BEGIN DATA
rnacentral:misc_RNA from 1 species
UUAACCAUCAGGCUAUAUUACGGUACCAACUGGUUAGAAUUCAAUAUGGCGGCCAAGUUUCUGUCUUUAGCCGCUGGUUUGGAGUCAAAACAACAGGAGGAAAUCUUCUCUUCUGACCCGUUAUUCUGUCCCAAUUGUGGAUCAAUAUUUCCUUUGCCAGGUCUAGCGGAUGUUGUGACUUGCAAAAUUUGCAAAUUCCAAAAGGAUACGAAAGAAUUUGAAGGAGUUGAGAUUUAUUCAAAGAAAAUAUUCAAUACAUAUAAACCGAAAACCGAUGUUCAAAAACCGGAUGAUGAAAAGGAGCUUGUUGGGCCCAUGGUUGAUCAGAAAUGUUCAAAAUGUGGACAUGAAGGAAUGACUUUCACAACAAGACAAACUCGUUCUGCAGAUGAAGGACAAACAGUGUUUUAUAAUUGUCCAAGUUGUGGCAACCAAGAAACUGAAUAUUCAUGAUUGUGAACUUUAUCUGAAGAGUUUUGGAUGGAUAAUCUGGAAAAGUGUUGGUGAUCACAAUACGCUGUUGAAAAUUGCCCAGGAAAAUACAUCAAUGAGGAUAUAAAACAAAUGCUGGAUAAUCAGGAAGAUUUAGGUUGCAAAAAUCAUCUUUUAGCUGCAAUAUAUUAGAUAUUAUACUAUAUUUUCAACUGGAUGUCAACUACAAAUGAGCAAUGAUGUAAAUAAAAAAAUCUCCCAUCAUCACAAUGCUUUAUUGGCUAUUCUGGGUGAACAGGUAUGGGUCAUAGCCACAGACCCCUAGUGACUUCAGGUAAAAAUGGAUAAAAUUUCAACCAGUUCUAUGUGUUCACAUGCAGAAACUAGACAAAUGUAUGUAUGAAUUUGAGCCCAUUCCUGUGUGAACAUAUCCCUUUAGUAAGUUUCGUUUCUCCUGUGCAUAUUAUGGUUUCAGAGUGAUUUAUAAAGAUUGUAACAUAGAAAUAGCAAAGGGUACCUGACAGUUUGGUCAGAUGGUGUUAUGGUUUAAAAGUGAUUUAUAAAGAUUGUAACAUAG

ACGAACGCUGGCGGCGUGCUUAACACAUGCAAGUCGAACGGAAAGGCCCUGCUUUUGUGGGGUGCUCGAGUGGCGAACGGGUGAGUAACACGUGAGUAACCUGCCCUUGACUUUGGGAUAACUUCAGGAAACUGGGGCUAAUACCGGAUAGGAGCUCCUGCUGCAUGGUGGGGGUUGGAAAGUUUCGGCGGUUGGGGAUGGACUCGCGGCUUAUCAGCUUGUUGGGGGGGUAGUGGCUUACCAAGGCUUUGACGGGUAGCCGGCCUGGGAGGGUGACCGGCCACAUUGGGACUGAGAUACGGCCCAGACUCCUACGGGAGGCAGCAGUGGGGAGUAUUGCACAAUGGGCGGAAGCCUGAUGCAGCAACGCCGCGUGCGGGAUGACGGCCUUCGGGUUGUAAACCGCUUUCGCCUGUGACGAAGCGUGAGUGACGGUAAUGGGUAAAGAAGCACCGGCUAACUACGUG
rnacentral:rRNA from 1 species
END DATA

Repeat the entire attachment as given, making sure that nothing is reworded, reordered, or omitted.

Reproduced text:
rnacentral:misc_RNA from 1 species
UUAACCAUCAGGCUAUAUUACGGUACCAACUGGUUAGAAUUCAAUAUGGCGGCCAAGUUUCUGUCUUUAGCCGCUGGUUUGGAGUCAAAACAACAGGAGGAAAUCUUCUCUUCUGACCCGUUAUUCUGUCCCAAUUGUGGAUCAAUAUUUCCUUUGCCAGGUCUAGCGGAUGUUGUGACUUGCAAAAUUUGCAAAUUCCAAAAGGAUACGAAAGAAUUUGAAGGAGUUGAGAUUUAUUCAAAGAAAAUAUUCAAUACAUAUAAACCGAAAACCGAUGUUCAAAAACCGGAUGAUGAAAAGGAGCUUGUUGGGCCCAUGGUUGAUCAGAAAUGUUCAAAAUGUGGACAUGAAGGAAUGACUUUCACAACAAGACAAACUCGUUCUGCAGAUGAAGGACAAACAGUGUUUUAUAAUUGUCCAAGUUGUGGCAACCAAGAAACUGAAUAUUCAUGAUUGUGAACUUUAUCUGAAGAGUUUUGGAUGGAUAAUCUGGAAAAGUGUUGGUGAUCACAAUACGCUGUUGAAAAUUGCCCAGGAAAAUACAUCAAUGAGGAUAUAAAACAAAUGCUGGAUAAUCAGGAAGAUUUAGGUUGCAAAAAUCAUCUUUUAGCUGCAAUAUAUUAGAUAUUAUACUAUAUUUUCAACUGGAUGUCAACUACAAAUGAGCAAUGAUGUAAAUAAAAAAAUCUCCCAUCAUCACAAUGCUUUAUUGGCUAUUCUGGGUGAACAGGUAUGGGUCAUAGCCACAGACCCCUAGUGACUUCAGGUAAAAAUGGAUAAAAUUUCAACCAGUUCUAUGUGUUCACAUGCAGAAACUAGACAAAUGUAUGUAUGAAUUUGAGCCCAUUCCUGUGUGAACAUAUCCCUUUAGUAAGUUUCGUUUCUCCUGUGCAUAUUAUGGUUUCAGAGUGAUUUAUAAAGAUUGUAACAUAGAAAUAGCAAAGGGUACCUGACAGUUUGGUCAGAUGGUGUUAUGGUUUAAAAGUGAUUUAUAAAGAUUGUAACAUAG

ACGAACGCUGGCGGCGUGCUUAACACAUGCAAGUCGAACGGAAAGGCCCUGCUUUUGUGGGGUGCUCGAGUGGCGAACGGGUGAGUAACACGUGAGUAACCUGCCCUUGACUUUGGGAUAACUUCAGGAAACUGGGGCUAAUACCGGAUAGGAGCUCCUGCUGCAUGGUGGGGGUUGGAAAGUUUCGGCGGUUGGGGAUGGACUCGCGGCUUAUCAGCUUGUUGGGGGGGUAGUGGCUUACCAAGGCUUUGACGGGUAGCCGGCCUGGGAGGGUGACCGGCCACAUUGGGACUGAGAUACGGCCCAGACUCCUACGGGAGGCAGCAGUGGGGAGUAUUGCACAAUGGGCGGAAGCCUGAUGCAGCAACGCCGCGUGCGGGAUGACGGCCUUCGGGUUGUAAACCGCUUUCGCCUGUGACGAAGCGUGAGUGACGGUAAUGGGUAAAGAAGCACCGGCUAACUACGUG
rnacentral:rRNA from 1 species